Basil - I could not have said it better if I tried. Since finding ANSI blah, blah, blah is hard use 1/4 cup bleach for every 15 gallons of fresh water tank capacity. Since alpine coaches have about 100-105 gallons fresh water tank capacity, you would use 1 & 3/4's cup bleach for the tank. Running the pump, make sure it goes through all the hot/cold side of the water system. Don't forget the washer and outside shower. Leave this solution in the system a minimum of 5 hours if the rig has been "winterized per the above directions" or has been stored for over 30 to 60 (longer as well) days. Drain out the tank, running the pump to clear as much of the remaing solutions out, then refill the tank, and run fresh water through the whole system again, trying to purge as much of the Clorox odor out as you can. Let this sit for an hour or so. Then drain and flush again, then take 1 cup baking soda, mix with fresh potable water and put this into the tank, then fill and run this mixture through the system. You may now use the fresh water system with no issues. The baking soda removes the taste of the chlorine bleach, and sweetens the water some. It was recommended to us in RV Repair School that this should be done every 6 months if living in the rig full time.
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Old 12-19-2010, 05:22 AM   #22
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My company makes a sanitizer that is for the restaurant industry. Used in the 3 bay sink systems for bar glasses, dishes etc. No oder or harm if ingested. Saves all the rinse out and worry. Maybe I should market for the RV industry for start up after storage. It dilutes at 1/4 oz per gallon of water. So for 100 gallons of fresh water you would need less than a quart of product. Sanitizes on contact, just mix and run through all the lines.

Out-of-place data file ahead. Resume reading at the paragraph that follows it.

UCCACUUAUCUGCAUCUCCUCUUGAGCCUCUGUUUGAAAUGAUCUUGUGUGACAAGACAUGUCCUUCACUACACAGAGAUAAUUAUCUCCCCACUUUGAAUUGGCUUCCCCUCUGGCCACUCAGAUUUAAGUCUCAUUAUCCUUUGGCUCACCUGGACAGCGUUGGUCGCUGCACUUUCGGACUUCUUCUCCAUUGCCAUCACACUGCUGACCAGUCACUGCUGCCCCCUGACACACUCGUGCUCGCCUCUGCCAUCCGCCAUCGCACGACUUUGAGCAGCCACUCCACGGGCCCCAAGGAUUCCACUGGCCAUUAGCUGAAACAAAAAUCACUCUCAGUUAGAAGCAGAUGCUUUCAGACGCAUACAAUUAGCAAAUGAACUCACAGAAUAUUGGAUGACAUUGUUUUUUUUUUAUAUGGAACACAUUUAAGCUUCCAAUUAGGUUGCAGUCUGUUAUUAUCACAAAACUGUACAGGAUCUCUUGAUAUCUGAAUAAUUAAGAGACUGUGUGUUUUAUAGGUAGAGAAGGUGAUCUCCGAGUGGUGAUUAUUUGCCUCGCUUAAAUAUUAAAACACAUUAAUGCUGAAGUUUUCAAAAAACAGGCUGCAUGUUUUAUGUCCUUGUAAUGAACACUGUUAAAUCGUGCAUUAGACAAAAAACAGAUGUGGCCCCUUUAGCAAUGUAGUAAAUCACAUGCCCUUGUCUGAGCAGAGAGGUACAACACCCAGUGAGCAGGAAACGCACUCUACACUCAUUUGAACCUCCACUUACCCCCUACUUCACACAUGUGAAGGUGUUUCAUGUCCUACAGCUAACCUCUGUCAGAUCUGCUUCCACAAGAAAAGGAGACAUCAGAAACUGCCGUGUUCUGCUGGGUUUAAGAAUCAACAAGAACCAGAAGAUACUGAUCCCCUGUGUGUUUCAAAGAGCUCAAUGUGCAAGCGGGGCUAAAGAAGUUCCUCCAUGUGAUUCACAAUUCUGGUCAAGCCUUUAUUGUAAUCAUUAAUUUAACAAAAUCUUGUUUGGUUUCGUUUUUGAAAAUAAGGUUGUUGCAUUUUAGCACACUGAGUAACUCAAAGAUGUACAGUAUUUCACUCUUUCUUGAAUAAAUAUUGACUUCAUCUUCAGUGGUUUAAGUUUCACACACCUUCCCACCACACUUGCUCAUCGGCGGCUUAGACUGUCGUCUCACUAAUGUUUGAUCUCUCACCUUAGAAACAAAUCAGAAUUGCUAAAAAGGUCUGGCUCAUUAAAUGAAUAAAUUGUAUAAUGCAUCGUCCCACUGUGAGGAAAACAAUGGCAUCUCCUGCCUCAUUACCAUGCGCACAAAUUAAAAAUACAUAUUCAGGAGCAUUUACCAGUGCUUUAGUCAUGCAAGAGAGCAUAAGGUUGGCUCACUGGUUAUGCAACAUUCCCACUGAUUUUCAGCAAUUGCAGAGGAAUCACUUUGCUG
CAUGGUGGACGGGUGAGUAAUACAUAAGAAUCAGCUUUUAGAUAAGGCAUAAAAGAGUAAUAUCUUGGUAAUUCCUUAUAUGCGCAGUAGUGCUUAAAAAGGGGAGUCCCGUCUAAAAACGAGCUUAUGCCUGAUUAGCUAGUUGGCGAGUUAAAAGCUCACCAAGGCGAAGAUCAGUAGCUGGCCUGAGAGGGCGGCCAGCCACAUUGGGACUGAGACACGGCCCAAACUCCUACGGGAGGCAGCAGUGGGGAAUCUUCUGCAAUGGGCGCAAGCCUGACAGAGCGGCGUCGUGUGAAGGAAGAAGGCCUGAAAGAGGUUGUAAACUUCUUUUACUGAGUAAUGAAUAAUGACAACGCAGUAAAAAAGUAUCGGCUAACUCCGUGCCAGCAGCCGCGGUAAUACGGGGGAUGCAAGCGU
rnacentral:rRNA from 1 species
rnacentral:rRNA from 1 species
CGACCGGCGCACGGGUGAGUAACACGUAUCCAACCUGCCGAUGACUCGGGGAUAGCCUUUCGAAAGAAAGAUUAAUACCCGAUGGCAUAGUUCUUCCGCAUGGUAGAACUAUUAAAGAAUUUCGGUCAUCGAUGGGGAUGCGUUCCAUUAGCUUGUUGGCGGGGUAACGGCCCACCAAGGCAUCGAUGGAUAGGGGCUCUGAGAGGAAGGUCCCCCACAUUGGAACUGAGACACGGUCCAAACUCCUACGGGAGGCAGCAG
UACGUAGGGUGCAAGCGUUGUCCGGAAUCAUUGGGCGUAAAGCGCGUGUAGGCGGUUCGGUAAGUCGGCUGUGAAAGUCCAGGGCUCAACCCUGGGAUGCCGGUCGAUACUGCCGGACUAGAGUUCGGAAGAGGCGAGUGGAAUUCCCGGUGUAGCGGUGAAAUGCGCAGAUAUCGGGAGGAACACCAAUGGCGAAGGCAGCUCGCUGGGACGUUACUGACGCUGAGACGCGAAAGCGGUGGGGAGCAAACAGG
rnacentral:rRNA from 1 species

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Old 12-19-2010, 05:24 AM   #23
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Thanks, look forward to seeing them. Do you do away games? Come to PA and install. Appreciate the feedback!
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Old 01-06-2011, 11:05 AM   #24
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All - putting air pressure in the lines WILL NOT empty all the water in the HH unit. The company does not warranty these units if they discover you did not use RV Rated Antifreeze in the water lines. The best way is to just pump it in via the city water fill. If your coach does not have that, you can then pump/pour it into the fresh water tank, or force it into the fill hose (read APEX). I was lucky the first year, and blew out the water and it did not freeze. However, there are low points in these units which won't clear of water by using air pressure. To have the unit fixed after it freezes at the factory is around 6000.00 dollars. A new one is around 12K, so the fix is cheaper. Please do not just use air pressure, fill the water system with RV Rated Antifreeze and be safe.
Gary Bunzer, the RV Doctor, says the same thing about low spots.

Questions: Is it correct that the plastic water heater drain plugs be only finger tight? Joe
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Old 01-06-2011, 12:55 PM   #25